It is the injustice that has bred our problem. As Martin Luther King Jnr. said 'Injustice anywhere is a threat to justice everywhere". As another great Japanese Buddhist leader, Daisaku Ikeda has stated "We must unite across differences of nationality and faith in order to create a world free of injustice, violence and terror."

We have been in recent years trapped in a vicious cycle of hatred and reprisals. We must, if we claim to be a really Buddhist country, break this cycle of violence and transform distrust into trust. This is the antidote to terrorism and the worship of violence. In this country we have seen over the years, including the period of JVP insurgency, the vilest depths to which human nature can sink. This is a damning indictment on a country which claims to practise - I repeat practice, (not worship) the word of the Buddha.

The evil over which we must triumph is hatred. Did not the Enlightened and Compassionate One say "Hatred is not conquered by hatred but by love alone"? Let us practise that. Unless we achieve that fundamental transformation within ourselves we will not be able to perceive our ultimate connection with all our fellow human beings - feeling their suffering as our own - we will never be free of conflict and war.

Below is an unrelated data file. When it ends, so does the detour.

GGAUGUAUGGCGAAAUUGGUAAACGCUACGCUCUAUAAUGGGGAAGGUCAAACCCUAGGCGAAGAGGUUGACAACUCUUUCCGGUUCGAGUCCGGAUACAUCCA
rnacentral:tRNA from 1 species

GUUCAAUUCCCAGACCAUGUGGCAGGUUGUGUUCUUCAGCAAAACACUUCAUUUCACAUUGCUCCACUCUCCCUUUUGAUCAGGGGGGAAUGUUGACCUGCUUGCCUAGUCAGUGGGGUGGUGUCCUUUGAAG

We must be able to feel other's suffering as our own. We cannot emphasize this point more strongly. Our war will truly end when we cultivate Mettha or love for all beings whether they be Tamils, Muslims, Malays, Burghers, Christians or Hindus. We all belong to one human family, let us not divide ourselves by labels. We must break down the icy walls of distrust and restore faith in humanity. We were not born into this world to hate Tamils or anyone else and to destroy each other in the process. We must restore our faith in humanity and in each other.

As for the Tamil problem let us address the causes of the insurgency. Let us remove the cause for the war.

There have been antagonisms generated because of alienation and 'marginalization'. Terrorism is the answer of the desperate. It is also the response of the weak and the coward. We cannot condone it. It will not go away so long as the social, economic and political conditions that created the problem in the first place, remain.